You posted earlier about us changing how we look at things, an excellent post. Maybe we should just think that our new Hummel shirt will probably be made by the same Indonesian company that Umbro use...

Costs about a quid to make and the workers will be paid a pittance. How much will we pay?

Jamie Crowley
139 Posted 20/05/2020 at 14:47:50
Speed typing, re-reading, I'm noticing a lot of grammatical errors (auto-corrects surely!)

'knew' @ 135 for starters.

Lyndon, I will make a contribution to TW to compensate you for your time in the next few days.

James Flynn
140 Posted 20/05/2020 at 15:11:58
"Alan J. #117, you should know enough of American politics to know that a "Democratically Elected Government" means that the Democrats won the election. ;-?"

Thoughts for simpletons.

It doesn't mean that and never has.

Brent Stephens
141 Posted 20/05/2020 at 15:52:13
Alan #117. I can personally vouch for the fact that Jamie is a long way from a selfish individual. I've never met Jamie as I live on Merseyside. But I can definitely vouch for his humanity, towards me and my wife, which literally had me in tears. I won't go into details as I wouldn't want to embarrass him any further and I don't want to personally look for the sympathy card on here.

Take my word for it.

Eric Myles
142 Posted 20/05/2020 at 15:57:13
James #140, you didn't notice the tongue in cheek emoji? :-?

But then again, didn't the Democrats complain that Dubbya was not democratically elected?

Eric Myles
143 Posted 20/05/2020 at 16:02:36
Jamie #129, I'm not questioning your analysis of the Worldinfo data, I'm questioning the data itself.

And when I say it's a tough crowd here, my experience on another thread is that they don't want to listen to alternative views. As I said, you'll be villified, but vindicated.

Eric Paul
144 Posted 20/05/2020 at 17:08:01
Why will Jamie be vindicated?
Jamie Crowley
145 Posted 20/05/2020 at 17:13:43
Eating lunch, tune in, Paul Ferry @104...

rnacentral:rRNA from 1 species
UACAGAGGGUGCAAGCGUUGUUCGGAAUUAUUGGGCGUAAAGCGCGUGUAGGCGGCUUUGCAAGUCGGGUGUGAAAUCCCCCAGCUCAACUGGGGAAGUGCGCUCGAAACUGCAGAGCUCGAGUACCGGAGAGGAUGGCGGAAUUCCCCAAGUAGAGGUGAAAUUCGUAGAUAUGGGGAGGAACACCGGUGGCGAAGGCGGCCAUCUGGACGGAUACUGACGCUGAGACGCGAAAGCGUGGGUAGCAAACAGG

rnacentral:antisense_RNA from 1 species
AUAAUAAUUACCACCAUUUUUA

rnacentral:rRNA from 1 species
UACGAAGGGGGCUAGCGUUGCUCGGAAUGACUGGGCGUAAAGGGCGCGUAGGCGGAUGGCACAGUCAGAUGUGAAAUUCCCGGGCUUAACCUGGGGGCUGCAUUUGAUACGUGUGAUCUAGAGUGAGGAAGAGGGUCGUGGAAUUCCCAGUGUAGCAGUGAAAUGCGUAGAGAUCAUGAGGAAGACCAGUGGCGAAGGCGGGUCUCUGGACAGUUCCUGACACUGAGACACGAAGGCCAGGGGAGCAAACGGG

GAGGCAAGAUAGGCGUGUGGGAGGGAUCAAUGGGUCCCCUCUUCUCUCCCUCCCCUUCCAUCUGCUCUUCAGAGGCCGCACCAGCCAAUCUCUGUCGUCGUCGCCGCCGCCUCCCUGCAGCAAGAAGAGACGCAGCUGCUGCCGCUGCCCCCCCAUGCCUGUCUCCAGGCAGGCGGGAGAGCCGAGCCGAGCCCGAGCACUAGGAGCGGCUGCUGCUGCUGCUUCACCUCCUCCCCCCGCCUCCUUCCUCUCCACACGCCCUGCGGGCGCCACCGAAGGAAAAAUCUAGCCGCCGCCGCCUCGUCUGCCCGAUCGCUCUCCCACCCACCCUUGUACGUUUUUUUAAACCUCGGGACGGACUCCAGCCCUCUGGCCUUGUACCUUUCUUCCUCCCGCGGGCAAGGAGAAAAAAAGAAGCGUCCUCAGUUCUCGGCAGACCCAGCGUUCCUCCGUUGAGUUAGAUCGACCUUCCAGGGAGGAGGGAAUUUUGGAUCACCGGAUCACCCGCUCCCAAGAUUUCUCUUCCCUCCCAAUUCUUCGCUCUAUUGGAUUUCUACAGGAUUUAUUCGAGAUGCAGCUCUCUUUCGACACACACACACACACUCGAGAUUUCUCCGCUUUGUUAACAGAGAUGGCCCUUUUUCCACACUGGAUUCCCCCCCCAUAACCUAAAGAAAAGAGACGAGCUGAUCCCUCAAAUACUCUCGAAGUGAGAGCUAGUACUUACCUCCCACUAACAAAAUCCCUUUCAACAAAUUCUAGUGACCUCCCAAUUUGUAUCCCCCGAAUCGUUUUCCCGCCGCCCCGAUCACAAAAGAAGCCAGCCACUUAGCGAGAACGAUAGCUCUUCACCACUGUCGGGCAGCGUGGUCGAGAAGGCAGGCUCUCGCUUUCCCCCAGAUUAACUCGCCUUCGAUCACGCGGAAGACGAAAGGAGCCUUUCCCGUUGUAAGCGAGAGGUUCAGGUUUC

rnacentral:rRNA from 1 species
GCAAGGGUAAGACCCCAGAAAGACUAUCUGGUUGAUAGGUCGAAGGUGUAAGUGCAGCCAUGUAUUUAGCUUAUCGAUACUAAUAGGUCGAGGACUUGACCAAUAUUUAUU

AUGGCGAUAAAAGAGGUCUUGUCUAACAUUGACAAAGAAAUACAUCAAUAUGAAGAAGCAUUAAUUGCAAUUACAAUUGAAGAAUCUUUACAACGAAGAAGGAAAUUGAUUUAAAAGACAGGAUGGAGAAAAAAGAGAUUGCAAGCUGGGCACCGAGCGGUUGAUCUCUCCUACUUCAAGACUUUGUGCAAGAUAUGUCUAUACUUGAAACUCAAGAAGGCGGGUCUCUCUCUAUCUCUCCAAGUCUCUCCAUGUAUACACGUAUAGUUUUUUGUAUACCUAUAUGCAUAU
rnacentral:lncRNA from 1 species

Hello fine, fine sir. It is wonderful to see you post, even if it's a disagreement with myself that brought you here.

Regarding the Electoral College and the definition of "democracy", and understanding I'm about to disagree with a professor, ergo I wade into deep, deep dark waters and fear for my life, I'd say this:

The Electoral College is a system of brilliance, placed into existence specifically to limit the power of the Central Government in this country and empower the individual states. The Founding Fathers feared not foreign aggression the most, but themselves. They fought to rid themselves of a tyrannical, unrepresentative, oppressive monarchy. [Sorry]. They wanted to ensure that the government they set up would never have ultimate power.

We are a conglomeration of 50 independent, United States. We are represented as such through the Electoral College, ensuring centralized government never grabs too big a foothold, and that the dynamic of "tyranny of the majority" never rules the day.

In short, brilliance. Throw up all together at once please, dear TW readers.

50 independent states, Paul. 'Merica. Democratic in ever single way, despite your distaste for decentralizing power.

Cheers mate. I mentioned "hidey-holes" in a previous post. I'm glad to see you've exited your TW hidey-hole.

Please don't rip me a new one with any response you may pen. 😉 Arguing with you is a dangerous venture on any level.

Paul Columb
146 Posted 20/05/2020 at 18:06:54
Rather than regurgitate much of what is reviewed regarding the electoral college and its history, have a wee listen to this:

Electoral College 'Not Carved In Stone:' Author Advocates Rethinking How We Vote